The Winners Curse Page 25
’’Oh, no? Too many people heard you call her a spoil of war.’’
’’It\s not true.’’
Sarsine threw her hands up in the air. ’’Then why did you say it?’’
’’Because I couldn\ think of any other way to save her!’’
Sarsine stood still. Then she leaned over him and shook his shoulder as if waking him from a nightmare. ’’You? Save a Valorian?’’
Arin captured her hand. ’’Please listen to me.’’
’’I will when you say something I can understand.’’
’’I did your lessons for you, when we were children.’’
’’I told Anireh to shut up when she made fun of your nose. Do you remember? She pushed me down.’’
’’Your sister was too beautiful for her own good. But all this was long ago. What\s your point?’’
Arin held both her hands now. ’’We share something, and probably not for very long. The Valorians will come. There will be a siege.’’ He groped for what to say. ’’By the gods, just listen.’’
’’Oh, Arin. Haven\ you learned? The gods won\ hear you.’’ She sighed. ’’But I will.’’
He told her about the day he had been sold to Kestrel, and every day since. He held nothing back.
When he finished, Sarsine\s expression had changed. ’’You\ e still a fool,’’ she said, but gently.
’’I am,’’ he whispered.
’’What do you plan to do with her?’’
Arin tilted his head helplessly against the carved back of his father\s chair. ’’I don\ know.’’
’’She demanded to see a sick friend. Said you made her a promise.’’
’’Yes, but I can\ do it.’’
’’Kestrel hates me, but she still speaks to me. Once she sees Jess ... she\ll never do that again.’’
* * *
Kestrel sat in the sunroom. It was warm, filled with potted plants and their mineral, almost milky fragrance. The sun was already high above the skylight. It had burned through the ripples of rain left on the glass from the night\s storm, which had drummed out the fire in the city. From the southernmost window, Kestrel had watched the flames fade.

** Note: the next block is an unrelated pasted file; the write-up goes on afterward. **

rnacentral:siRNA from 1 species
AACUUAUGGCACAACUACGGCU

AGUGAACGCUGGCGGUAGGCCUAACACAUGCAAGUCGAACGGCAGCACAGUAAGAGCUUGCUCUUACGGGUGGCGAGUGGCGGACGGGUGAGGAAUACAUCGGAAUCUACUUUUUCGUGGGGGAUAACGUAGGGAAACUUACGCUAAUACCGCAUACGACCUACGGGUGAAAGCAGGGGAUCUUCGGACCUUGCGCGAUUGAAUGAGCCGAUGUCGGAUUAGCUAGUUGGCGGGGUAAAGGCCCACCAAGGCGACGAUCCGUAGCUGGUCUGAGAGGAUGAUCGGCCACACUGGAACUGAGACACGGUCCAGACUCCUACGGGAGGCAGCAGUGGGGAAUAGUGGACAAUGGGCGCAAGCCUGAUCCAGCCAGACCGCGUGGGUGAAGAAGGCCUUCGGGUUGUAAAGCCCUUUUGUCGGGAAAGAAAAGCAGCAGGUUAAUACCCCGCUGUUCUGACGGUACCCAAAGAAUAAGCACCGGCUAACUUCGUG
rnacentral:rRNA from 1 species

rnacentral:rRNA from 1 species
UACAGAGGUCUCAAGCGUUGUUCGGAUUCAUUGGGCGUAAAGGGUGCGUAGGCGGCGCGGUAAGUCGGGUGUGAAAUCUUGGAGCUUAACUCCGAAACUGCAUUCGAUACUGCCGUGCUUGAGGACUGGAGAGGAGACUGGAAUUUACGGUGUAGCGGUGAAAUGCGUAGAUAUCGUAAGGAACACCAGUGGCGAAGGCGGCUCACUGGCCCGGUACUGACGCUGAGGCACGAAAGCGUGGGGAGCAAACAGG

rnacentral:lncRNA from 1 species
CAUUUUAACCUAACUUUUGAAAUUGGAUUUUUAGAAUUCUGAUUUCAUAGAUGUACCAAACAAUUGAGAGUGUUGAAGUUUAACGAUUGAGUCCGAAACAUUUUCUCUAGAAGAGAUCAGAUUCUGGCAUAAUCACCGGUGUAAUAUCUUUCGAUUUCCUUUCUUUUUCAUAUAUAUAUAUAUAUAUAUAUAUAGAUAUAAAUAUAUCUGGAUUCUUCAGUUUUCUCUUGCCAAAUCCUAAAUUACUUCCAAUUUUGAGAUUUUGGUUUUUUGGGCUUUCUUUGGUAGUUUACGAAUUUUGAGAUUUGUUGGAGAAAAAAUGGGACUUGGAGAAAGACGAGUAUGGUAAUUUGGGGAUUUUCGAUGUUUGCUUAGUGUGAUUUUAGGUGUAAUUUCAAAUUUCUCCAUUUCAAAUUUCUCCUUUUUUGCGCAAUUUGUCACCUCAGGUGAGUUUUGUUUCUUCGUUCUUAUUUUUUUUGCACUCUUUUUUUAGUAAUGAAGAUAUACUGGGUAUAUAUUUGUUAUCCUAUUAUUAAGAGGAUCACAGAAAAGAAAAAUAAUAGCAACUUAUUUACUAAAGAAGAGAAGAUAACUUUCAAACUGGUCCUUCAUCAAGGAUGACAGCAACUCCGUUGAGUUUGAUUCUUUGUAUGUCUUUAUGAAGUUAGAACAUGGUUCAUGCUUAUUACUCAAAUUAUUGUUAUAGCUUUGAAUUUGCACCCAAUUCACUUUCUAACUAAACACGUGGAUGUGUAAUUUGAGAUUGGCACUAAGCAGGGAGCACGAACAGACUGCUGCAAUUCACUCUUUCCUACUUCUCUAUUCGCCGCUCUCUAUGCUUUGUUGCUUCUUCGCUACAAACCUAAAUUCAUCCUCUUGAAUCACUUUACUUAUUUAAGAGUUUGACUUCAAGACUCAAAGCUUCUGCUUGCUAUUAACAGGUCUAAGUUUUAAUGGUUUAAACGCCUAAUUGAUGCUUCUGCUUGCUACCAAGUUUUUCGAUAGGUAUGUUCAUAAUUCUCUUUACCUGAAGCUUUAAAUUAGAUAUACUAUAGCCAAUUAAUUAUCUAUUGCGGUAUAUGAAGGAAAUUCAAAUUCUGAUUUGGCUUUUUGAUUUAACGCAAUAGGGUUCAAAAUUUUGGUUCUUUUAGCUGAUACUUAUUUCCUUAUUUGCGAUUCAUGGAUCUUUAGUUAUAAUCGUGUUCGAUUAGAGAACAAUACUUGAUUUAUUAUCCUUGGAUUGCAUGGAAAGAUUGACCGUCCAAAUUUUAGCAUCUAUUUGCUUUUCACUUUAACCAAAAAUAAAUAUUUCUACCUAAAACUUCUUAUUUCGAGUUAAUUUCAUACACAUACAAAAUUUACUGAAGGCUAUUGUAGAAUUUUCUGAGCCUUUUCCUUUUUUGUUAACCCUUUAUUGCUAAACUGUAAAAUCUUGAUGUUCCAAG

It had been a long night, a long morning. But Kestrel didn\ want to sleep.
Her eyes fell on a plant. The Herrani word for it was damselthorn. It was large and thick-stemmed, at least as old as the war. It had leaves that looked like flowers, because their green became a brilliant red in the sun.
Despite herself, Kestrel thought of Arin\s kiss. How it had flared a light inside her, and transformed her from plain leaf into fire.
Kestrel opened the sunroom door and stepped into a high-walled rooftop garden. She breathed the chilled air. Everything was dead here. Fans of brown leaves. Stems that would snap as soon as touched. Stones lay strewn in artful patterns on the ground, in gray, blue, and white, the shape of birds\ eggs.
She passed her hands over the cold walls. There were no rough edges, nothing that might give her fingers or toes purchase. She couldn\ climb. There was a door set into the far wall, but where it led Kestrel would probably never know. It was locked.
Kestrel stood, considering. She bit her lips hard. Then she walked back into the sunroom and brought out the damselthorn.
She smashed the pot on the stones.
* * *
The day aged. Kestrel watched the light outside yellow. Sarsine came and saw the wreckage of plants in the garden. She gathered the ceramic shards, then had a group of Herrani search the suite for more.